XVideos.com Files 3 More Cybersquatting Cases

LAS VEGAS — The parent company of XVideos.com has filed three more cybersquatting cases with WIPO over adult tube sites that use "XVideos" in their domain names.

In the latest cases filed at WIPO, XVideos.com's operator made separate complaints over the domains XVideosDaily.com and XVideosToday.net, both registered to Andrey Kuzmenko of Ukraine, as well as XVideos.nu, which is registered to a private domain service. 

All three cases are in the hands of WIPO arbitrators and pending. Kuzmenko did not reply to XBIZ for comment over the two cases filed against his domains.

WGCZ S.R.O., XVideos.com's parent company, operates scores of other tube sites including XNXX.com and is based in Czechoslovakia and has U.S. operations in Las Vegas.

The company recently filed numerous cybersquatting cases, known as UDRP filings, against entrepreneurs and companies that ride on its tube sites' coattails.

WGCZ recently won cases at WIPO over the sites New-XVideos.com, XNXXNow.com, New-XNXX.com, X-Videos.com, HD-XVideos and HQXNXX.com — all highly trafficked tube sites offering adult fare.

In each of those six cases, respondents failed to reply to WGCZ's accusations, and arbitrators ruled that each of the websites were registered and used the site in bad faith because the names were similar to either "XNXX" or "XVideos" because the names shared common characteristics to the brands. Each of the tube sites were handed over to WGCZ.

WGCZ has held the a U.S. trademark on its XVideos brand since 2012 and its XNXX brand since 2013.

WGCZ was represented in each of those cases by Randazza Legal Group.

Adult industry attorney Marc Randazza on Wednesday told XBIZ that cybersquatting cases keep on coming up because the rewards of traffic are immense.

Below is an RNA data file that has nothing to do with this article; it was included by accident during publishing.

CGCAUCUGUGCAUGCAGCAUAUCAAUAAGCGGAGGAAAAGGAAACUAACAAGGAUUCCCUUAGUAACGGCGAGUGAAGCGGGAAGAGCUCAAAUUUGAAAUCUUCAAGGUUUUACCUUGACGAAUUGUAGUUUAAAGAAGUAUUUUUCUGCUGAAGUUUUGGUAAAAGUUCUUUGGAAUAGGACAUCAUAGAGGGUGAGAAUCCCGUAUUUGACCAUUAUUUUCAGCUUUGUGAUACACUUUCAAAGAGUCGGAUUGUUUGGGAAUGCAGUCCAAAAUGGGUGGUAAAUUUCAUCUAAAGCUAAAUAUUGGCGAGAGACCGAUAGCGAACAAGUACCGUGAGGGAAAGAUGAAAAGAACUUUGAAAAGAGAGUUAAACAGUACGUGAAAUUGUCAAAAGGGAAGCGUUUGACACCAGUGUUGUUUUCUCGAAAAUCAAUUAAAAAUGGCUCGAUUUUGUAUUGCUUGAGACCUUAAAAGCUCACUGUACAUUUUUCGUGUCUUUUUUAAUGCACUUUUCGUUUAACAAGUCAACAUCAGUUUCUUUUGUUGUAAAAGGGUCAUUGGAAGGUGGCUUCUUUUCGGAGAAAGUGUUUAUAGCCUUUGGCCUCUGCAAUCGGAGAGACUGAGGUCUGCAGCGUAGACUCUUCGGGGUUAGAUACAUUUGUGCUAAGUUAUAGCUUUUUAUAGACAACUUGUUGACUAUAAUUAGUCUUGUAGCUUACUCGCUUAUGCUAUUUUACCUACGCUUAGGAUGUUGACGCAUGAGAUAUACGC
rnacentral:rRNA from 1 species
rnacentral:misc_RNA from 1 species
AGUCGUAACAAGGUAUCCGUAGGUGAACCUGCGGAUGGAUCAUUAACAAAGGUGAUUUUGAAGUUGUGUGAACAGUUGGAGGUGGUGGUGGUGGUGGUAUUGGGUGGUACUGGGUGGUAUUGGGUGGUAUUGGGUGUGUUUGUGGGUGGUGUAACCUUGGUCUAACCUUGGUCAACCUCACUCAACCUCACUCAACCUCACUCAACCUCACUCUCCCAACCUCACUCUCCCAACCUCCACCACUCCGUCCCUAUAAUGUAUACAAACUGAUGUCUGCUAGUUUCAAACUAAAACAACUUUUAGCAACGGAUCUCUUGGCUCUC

"Cybersquatting is a huge problem in the adult entertainment business," Randazza said. "As soon as a site, be it a porn paysite or a porn tube site, as soon as it gains any traffic traction at all, there are people out there who know that they can make money off of stealing traffic through cybersquatting."  

As far as how much one site can pull down during the course of cybersquatting on a porn brand, that's uncertain, Randazza said.

"But, the way things are structured, the cost of such a site is minimal," he said. "Ten bucks a year on average to register a domain name. If you make $11, then you turned a profit.

"Of course, it is rare for one of these guys to have only one cybersquatting site. Cybersquatting is huge business, and some squatters own thousands of such sites."  

Another financial course, porn domain cybersquatters often take involves trying to sell the site to the rightful owner, he said.

"If you calculate the costs of a UDRP proceeding (with its $1,500 filing fee), I often hear from these crooks and they offer to sell it for just under that price. But, of course, if you pay them, you make it a virtual certainty that you'll be paying them again and again."